Michel Franco’s absorbing follow-up to his festival favourite After Lucia scrutinises over the harsh realities of life. Moments we can’t bear to go through, but have little choice. Moments you don’t quite want to see played back to us on the big screen. But there’s an obligation to counteract the surrealist, supernatural productions in a contemporary cinematic landscape, and we need to see films of this nature. They’re just horrible to sit through, that’s all.
We focus in on the life of home care nurse David (Tim Roth), who spends his days – and nights – tending to those in their final days, the terminally ill, facing up to their mortality. Though his relationships are short, they are intense – to a point where his own methods and ethics are questioned by a patient’s family. But Franco makes no accusations, merely leaving his camera to linger from afar, and capture this assiduous man undertaking his day’s duties. Whether that is showering Aids sufferer Sarah (Rachel Pickup) or cleaning up Marta (Robin Bartlett) after an accident, he looks after those in an undignified state so many loved ones fall in to.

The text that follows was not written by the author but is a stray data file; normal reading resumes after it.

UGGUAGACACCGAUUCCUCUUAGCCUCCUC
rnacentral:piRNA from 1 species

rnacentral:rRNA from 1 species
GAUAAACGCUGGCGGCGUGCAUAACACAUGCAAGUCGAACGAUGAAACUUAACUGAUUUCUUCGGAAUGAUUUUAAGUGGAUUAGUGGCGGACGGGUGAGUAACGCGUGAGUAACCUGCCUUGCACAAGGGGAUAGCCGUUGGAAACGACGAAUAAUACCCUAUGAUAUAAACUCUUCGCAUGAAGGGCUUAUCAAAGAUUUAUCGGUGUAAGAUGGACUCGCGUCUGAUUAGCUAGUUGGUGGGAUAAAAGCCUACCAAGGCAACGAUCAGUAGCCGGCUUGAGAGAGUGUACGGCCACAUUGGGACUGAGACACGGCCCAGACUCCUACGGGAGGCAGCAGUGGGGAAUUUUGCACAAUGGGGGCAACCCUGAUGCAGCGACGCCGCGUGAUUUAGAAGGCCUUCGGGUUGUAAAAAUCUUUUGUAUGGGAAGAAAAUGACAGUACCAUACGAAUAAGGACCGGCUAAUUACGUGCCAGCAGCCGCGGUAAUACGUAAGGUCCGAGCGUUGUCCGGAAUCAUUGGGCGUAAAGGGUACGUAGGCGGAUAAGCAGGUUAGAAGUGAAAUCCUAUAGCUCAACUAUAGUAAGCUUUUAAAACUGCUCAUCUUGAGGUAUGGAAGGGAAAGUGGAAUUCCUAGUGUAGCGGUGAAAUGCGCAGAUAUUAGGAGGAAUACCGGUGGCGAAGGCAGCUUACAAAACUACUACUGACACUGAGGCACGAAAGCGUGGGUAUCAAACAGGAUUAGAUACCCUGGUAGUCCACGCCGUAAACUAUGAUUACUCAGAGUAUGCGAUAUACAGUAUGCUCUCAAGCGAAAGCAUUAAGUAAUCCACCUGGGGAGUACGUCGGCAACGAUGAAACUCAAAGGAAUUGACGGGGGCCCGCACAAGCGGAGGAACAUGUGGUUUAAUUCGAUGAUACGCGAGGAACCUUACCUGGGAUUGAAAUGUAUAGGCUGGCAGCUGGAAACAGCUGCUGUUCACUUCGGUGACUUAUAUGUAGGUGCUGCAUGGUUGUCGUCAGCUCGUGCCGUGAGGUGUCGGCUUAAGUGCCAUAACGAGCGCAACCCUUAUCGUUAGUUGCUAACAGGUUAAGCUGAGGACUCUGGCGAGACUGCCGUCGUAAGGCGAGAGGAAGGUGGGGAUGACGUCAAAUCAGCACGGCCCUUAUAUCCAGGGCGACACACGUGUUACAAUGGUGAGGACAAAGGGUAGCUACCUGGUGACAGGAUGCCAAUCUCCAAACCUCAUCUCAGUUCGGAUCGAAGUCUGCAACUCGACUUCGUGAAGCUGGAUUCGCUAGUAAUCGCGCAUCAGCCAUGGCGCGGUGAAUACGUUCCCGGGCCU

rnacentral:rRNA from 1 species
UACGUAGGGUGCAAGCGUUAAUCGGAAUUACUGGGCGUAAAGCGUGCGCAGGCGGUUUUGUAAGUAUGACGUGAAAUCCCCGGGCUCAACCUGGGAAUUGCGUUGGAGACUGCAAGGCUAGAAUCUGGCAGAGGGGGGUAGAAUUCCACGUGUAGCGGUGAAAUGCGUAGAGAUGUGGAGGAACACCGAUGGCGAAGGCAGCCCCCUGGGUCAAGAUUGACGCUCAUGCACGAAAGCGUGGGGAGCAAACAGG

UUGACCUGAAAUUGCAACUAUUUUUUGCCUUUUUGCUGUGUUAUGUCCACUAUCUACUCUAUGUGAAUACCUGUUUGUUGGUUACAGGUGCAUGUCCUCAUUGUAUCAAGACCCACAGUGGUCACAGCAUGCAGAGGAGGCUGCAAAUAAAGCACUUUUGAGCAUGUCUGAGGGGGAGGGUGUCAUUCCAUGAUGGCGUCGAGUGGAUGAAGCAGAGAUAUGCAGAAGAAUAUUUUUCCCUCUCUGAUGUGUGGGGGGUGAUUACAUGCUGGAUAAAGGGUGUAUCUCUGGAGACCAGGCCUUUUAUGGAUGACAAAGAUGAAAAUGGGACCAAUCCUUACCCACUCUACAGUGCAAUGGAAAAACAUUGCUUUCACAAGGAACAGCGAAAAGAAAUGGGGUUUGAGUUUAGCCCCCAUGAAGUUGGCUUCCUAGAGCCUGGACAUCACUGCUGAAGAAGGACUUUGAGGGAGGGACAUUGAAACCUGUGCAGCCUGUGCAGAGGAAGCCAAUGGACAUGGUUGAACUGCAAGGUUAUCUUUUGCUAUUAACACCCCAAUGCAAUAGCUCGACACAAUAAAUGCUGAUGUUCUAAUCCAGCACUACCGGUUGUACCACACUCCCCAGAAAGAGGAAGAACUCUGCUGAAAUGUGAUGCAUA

Chronic is a cold, detached experience – as we’re embodying a role who sees this merely as his job, and nothing more. He can’t become emotionally invested, it would ruin him, and in turn, it would destroy the viewer. So while thankful that is the case, it certainly doesn’t make this any easier a watch: it’s uncomfortable and disquieting to sit through. Is this easy territory for Franco? Too obvious a place to ignite and evoke emotion? Perhaps so – but it still takes an accomplished filmmaker to present this narrative, and he does a fine job. A job, however, that is undone somewhat by the unfathomably bad ending, which leaves you feeling far more perplexed than impressed.
Nonetheless, Roth turns in a wonderful display as David, as an actor it’s hard not to admire his inclination to be so creative and resourceful in his work and career choices, as he evidently takes on roles based on the screenplay presented to him, rather than the pay-check. For the sake of this argument, though, let’s just pretend that FIFA film he made never happened, yeah? I’m sure he has.